“Go where your customers gather” is my new mantra, and while admittedly there aren’t a lot of places like the Hamptons, there are plenty of other communities where Nordstrom can go to engage groups of loyal customers and give them new, if temporary, ways to interact with the Nordstrom brand. I love this idea and – in theory, anyway – would think that it has potential in other locations.

Liza Amlani

Meeting customers where they hang out and gather should be a steadfast rule of any retailers. I love this strategy for Nordstrom and it will help elevate the experience for existing and new customers. The showroom experience can be a great one and planning events like a wine tasting or cocktail party alongside the local mobile shop could engage even more customers who love elevation and exclusivity.

Brian Delp

Pop-ups like this mirror luxury brand trunk shows and make perfect sense for other metro areas. Offering a specialized approach will continue to be great marketing for the brand. Convenience comes with a cost, and this clientele is willing to pay for it. I’m sure there are other outlets as well, for instance a bridal service would be desirable.

Katie Thomas

While the Hamptons is seemingly a consumer fit, it also seems like a very popular location for these types of pop-ups. I know it’s hard to believe, but there’s buying power not on the coast and in big cities. 🙂

Phil Rubin

This is a smart move and follows the idea of being where your customers are. Given the social and affluent aspects of the Hamptons, there should be minimal risk and a good amount of upside, both in terms of business and reasserting the relevance of the Nordstrom brand.

Lucille DeHart

In a word, no. Pop-ups are a branding tool, not a sales tool. I lived through Jack Wills, J.Crew, and other brand pop-up ventures and none have scaled beyond the buzz. I do like the concept of order by X time and get it by X time the next day — but that is what FedEx is for.

Melissa Minkow

This makes sense to me. It shouldn’t be too expensive operationally, but it’s an example of the brand going to where its customers are. It would be better if it were instantaneously shoppable though.

Rich Kizer

On my first reading of this article, it brought a smile to my face. And then, thinking of the market, what a great idea. Even if sales are not spectacular, the presentation of Nordstrom in their market is golden. And they will get traffic. And that will result in sales, guaranteed.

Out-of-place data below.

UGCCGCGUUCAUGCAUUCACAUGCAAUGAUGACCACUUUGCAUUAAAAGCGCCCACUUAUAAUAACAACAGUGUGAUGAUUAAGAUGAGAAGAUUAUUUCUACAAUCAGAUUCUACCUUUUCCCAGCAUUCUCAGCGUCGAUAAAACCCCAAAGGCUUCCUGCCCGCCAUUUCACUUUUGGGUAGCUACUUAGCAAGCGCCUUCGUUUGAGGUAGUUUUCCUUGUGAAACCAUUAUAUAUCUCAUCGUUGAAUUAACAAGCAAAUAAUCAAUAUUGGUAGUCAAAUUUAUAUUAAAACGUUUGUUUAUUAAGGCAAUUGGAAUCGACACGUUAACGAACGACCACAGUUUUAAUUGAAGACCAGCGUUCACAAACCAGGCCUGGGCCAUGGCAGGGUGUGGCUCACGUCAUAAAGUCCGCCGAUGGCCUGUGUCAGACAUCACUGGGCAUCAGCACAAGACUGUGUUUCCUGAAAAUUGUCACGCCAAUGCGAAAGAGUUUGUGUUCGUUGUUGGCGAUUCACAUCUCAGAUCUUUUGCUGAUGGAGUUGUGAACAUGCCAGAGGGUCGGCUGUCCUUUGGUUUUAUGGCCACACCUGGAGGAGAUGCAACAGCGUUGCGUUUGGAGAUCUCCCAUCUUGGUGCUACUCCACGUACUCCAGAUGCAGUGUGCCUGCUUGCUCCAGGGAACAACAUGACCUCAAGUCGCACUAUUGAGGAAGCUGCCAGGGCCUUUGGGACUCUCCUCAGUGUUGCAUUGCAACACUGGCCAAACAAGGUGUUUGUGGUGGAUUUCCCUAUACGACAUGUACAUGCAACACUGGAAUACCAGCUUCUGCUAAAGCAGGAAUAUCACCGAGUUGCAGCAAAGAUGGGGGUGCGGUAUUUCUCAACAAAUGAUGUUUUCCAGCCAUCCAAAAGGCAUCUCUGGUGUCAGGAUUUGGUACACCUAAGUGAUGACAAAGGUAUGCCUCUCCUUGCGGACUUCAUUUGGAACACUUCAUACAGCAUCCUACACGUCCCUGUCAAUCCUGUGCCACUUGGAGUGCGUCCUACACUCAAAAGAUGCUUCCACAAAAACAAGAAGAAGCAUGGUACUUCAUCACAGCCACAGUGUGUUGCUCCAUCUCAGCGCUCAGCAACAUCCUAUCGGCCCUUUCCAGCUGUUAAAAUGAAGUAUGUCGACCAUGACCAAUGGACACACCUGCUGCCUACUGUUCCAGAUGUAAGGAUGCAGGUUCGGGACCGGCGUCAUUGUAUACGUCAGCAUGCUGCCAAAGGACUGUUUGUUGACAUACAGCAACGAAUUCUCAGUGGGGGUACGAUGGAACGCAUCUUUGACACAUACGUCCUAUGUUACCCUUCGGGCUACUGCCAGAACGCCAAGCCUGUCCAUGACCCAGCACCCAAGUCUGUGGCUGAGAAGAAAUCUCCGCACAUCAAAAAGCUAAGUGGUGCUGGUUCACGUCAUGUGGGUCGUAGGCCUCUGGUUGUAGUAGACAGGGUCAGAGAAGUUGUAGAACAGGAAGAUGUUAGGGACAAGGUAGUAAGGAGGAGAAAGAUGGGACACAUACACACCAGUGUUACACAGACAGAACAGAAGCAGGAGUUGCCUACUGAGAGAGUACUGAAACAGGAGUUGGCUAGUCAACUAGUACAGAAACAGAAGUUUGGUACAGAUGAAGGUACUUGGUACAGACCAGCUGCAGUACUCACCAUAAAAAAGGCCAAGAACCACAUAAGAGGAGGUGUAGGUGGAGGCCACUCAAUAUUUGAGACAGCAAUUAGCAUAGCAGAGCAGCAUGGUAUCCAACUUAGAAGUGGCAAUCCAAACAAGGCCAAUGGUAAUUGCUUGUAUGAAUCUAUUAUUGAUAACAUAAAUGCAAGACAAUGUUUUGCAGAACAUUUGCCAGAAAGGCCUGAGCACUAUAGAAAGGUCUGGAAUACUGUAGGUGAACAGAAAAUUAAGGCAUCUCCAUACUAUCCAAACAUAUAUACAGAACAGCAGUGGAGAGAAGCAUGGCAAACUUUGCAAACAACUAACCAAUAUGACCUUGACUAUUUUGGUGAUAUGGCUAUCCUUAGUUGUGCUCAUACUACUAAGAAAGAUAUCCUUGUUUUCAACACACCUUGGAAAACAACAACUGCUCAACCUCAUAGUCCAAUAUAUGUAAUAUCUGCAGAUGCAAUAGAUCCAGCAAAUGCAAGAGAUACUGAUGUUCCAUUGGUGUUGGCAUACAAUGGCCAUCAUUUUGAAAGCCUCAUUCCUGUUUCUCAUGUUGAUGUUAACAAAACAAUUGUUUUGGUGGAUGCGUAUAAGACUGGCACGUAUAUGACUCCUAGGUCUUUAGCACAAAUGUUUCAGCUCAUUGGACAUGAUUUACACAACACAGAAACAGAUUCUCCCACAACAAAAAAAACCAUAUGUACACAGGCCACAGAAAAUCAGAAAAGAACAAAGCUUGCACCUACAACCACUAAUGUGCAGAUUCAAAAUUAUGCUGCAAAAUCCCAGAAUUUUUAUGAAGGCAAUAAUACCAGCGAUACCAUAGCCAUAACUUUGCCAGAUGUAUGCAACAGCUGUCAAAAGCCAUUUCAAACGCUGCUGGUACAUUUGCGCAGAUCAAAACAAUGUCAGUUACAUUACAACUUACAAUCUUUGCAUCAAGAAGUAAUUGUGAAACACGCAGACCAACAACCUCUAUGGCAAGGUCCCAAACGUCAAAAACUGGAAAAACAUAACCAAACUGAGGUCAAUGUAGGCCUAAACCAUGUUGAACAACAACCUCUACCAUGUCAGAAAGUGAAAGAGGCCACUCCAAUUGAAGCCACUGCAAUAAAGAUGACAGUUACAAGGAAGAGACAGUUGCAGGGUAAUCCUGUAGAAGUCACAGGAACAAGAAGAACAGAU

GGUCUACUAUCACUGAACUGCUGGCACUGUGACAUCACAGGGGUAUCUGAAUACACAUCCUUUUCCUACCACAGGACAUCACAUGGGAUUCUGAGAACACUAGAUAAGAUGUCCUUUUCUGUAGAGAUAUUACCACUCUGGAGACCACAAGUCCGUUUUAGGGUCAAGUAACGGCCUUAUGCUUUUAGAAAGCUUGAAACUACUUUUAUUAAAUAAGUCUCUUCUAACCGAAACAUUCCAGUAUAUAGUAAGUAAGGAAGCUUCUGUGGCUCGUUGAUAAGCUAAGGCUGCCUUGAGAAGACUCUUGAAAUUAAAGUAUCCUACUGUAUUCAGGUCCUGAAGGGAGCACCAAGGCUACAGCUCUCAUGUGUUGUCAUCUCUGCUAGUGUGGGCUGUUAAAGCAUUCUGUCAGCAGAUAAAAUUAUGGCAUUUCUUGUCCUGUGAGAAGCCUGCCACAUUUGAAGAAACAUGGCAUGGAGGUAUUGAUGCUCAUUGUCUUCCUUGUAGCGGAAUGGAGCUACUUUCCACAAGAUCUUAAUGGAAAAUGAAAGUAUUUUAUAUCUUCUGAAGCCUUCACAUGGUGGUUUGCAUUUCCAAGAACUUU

Brad Halverson

This is more than just a branding event if there is actual CX activity like alterations, pick ups, trying on product. If Nordstrom is smart, they are looking at what customers are doing, how does it tie to their in store visits and loyalty to the greater chain.

Ten years ago, Warby Parker showed up in my city with a fully merchandised yellow school bus before they had a retail presence here. It was swarmed with people, including me, trying on and buying glasses because you could see and feel them as opposed to the online only experience. Eventually led to building out a few stores here.

Patricia Vekich Waldron

I think it’s a great idea to bring the local experience to shoppers where there is critical mass. The Hampton’s in the summer makes perfect sense — watch out for Florida and ski destinations in the winter.

William Passodelis

I LOVE IT! If you study the map, you can find places in each state where this could make sense. If there is a store nearby — pass — but there are lots of locales where this could be a boon. I can think of 3 locations right off where this would afford affluent people easy access to all that Nordstrom has to offer. I think it is great!

Anil Patel

Pop-ups make total sense for Nordstrom locals. These pop-ups act like showrooms for Nordstrom’s customers and undoubtedly boost the retailer’s omnichannel ambitions as part of its “closer to you” strategy.